Caitlin Lenahan, 25, has found the perfect "pets." They don't make any noise; they don't smell or need to be walked. Best of all, they eat garbage, keeping it out of landfills and turning it into rich fertilizer. She shares her Greenfield home with a plastic trash can full of worms, who compost food and paper waste.
How'd you get into the worm racket? And why?
When I was a junior in college I was getting more into composting and learning about it. Somewhere I read that you can actually have a container of compost in your kitchen that doesn't smell. The answer was worms; it doesn't smell, you can't really smell it right now. I was all about it.
One of the best things about this worm bin is that I tend to buy lots of vegetables and fruits but I don't get time to prepare them for myself. There's a peach in here that's moldy and falling apart. I just left it in a bag for that one extra day ... crap! Usually if I was throwing it away, I'd feel bad. This is a closed cycle. I can take the tomatoes that I didn't eat, put them in here and it'll eventually turn into dirt and nutrients that I can put on plants. I feel better because even if I didn't eat the broccoli in the fridge, I didn't waste it. There's a lot of food waste in this country, and paper waste ... you can rip up paper and give them tons of paper. This is just one way that you can do stuff yourself.
How does it work?
Stuff starts breaking down in there, it gets moldy. The worms can't eat the garbage; it has to get moldy. They eat the mold and bacteria more than anything, I think. Castings ... that's what we call the worm poop. You just get a tarp and you just dump the whole thing out. You make little piles and then you just shine bright light ... right now, they hate the light, they're like, "Please, get me to the bottom of this thing." So you just scoop the dirt off the piles and it works pretty well. You can't just pot things it in, it's too rich. You mix it with your normal potting soil, or you could just dress the top of the pot.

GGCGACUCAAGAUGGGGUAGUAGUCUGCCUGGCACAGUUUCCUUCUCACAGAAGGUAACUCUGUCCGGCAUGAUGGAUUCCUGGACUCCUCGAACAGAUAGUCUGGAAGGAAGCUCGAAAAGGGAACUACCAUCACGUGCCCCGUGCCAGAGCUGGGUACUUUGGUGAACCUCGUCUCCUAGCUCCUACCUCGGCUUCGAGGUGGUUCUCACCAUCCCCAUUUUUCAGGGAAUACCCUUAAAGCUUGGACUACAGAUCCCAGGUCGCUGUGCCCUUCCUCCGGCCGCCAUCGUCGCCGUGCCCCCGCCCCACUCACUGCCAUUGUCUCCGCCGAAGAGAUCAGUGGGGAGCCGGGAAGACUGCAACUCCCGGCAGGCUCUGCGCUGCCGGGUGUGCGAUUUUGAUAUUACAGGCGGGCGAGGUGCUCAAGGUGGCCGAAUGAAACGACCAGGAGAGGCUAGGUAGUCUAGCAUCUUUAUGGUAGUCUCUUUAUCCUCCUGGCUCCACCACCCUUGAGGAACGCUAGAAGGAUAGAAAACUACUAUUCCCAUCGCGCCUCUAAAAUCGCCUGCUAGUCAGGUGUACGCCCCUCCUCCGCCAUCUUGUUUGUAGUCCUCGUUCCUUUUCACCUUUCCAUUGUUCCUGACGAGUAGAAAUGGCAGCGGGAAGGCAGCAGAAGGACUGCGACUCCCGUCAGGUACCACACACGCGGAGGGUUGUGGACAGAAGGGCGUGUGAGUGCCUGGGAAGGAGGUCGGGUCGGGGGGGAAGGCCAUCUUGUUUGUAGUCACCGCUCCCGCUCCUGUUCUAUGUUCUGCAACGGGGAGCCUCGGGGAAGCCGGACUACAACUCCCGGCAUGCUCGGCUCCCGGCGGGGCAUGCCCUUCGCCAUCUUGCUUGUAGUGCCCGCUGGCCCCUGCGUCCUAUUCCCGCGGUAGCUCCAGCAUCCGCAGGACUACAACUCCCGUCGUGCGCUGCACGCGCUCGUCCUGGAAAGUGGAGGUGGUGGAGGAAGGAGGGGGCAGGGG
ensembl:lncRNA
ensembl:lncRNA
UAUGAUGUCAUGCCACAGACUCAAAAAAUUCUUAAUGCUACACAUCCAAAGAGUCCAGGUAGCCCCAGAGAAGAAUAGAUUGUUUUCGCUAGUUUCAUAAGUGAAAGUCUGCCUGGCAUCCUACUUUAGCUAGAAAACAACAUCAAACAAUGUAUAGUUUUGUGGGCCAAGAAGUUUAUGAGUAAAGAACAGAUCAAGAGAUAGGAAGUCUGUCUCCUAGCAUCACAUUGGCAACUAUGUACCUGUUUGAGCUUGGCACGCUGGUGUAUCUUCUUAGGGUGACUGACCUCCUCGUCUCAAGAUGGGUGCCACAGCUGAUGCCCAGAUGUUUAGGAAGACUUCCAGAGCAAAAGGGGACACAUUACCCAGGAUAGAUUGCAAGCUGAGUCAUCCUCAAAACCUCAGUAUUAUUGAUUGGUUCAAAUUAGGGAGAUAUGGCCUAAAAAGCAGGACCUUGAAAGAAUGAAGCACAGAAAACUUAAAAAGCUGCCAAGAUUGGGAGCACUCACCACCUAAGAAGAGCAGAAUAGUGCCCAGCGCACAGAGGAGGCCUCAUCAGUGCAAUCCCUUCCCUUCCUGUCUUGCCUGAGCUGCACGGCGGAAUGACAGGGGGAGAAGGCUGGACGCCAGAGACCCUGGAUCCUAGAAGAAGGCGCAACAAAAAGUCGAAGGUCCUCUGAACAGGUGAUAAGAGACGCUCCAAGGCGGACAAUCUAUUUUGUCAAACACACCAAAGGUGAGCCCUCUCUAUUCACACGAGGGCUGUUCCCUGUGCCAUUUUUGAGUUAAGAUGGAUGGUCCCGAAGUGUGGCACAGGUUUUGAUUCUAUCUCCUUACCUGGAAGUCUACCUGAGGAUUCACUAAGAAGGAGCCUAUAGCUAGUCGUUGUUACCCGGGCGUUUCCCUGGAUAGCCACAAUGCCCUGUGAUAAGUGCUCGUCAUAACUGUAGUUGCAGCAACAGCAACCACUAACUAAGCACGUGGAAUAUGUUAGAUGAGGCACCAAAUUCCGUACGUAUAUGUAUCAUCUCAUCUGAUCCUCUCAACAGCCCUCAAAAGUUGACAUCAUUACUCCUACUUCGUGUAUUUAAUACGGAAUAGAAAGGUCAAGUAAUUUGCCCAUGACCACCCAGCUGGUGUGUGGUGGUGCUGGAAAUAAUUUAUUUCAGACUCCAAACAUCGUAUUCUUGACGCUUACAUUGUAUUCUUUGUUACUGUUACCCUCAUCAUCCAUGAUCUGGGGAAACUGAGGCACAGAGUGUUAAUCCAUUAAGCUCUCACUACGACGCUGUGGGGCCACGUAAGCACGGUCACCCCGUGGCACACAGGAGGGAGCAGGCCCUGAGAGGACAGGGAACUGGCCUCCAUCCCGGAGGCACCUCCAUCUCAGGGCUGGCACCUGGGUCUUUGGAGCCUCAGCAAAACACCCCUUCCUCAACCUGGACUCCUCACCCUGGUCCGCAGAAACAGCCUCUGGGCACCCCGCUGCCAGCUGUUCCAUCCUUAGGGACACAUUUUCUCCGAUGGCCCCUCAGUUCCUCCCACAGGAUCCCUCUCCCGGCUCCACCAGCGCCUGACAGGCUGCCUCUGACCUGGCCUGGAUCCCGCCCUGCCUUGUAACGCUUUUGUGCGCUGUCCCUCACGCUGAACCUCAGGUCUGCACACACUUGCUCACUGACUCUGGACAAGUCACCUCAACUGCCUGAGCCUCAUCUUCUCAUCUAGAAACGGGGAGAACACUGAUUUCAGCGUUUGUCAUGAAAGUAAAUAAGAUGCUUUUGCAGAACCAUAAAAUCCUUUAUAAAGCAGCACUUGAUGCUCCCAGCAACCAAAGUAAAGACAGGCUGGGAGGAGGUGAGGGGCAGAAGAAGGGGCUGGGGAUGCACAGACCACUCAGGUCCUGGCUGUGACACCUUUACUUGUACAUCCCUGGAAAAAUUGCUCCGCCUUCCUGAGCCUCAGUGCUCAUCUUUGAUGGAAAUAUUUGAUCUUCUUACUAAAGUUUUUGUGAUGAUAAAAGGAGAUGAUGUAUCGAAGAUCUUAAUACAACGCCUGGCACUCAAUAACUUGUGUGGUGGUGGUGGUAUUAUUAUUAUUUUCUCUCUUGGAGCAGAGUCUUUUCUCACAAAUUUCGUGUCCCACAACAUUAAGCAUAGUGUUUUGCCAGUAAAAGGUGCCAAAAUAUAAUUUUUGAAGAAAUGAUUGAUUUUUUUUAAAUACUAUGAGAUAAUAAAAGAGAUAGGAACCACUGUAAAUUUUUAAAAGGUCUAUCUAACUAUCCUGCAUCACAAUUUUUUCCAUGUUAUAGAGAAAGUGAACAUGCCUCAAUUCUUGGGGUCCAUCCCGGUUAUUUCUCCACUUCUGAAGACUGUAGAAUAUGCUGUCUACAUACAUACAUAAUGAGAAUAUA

Right now it's more garbage than anything, but there's definitely dirt down in the bottom. They do paper, they'll even do meat. I personally don't put meat in ... it could stink really bad.
What do you have to do to care for the little guys?
Just throw them some garbage, some fruits and vegetables. You could even give them meat and dairy, but I haven't. I think it would overload their system. If I put too much stuff in, they'll start to stink. I gave them the remains of soymilk and cereal once. It got really moldy which they probably dug. I take care of them, but they're pretty self-sustaining. I could put the lid on and forget about them for a few months. If you don't add anything to it and you wait long enough, all the worms would die but you'd end up with a big box of dirt.
The way I keep them in here, I should technically have little holes drilled in here for air, but I take the lid off a lot. They need water because they breathe through their skin, so if they're not wet they can die. You can get a spray can and spray them down.
I leave this inside; I could put it in the basement or a garage. They compost most effectively between 50 and 80 degrees. So when it's really hot, they're all like climbing up the sides ... they're like "I don't like it in here!" So I try to air it out for them.
What kind of worms are they?
They are red wigglers ... Eisenia foetida ... they aren't earthworms. There's earth-moving worms and composting worms. Earth-moving worms break down garbage, they don't really eat it. They aerate the soil. You wouldn't have a bin full of night crawlers to eat your garbage.
Do you think of them as little individuals? Are you like, "Hey, Frank!"?
I guess I think of them as collectively "the worms." Where I worked in Maine [at an environmental education facility], one box, all the worms in that box were named Loretta, all the worms in that box were named Damian. I haven't given my worms names; they're just the worms for right now.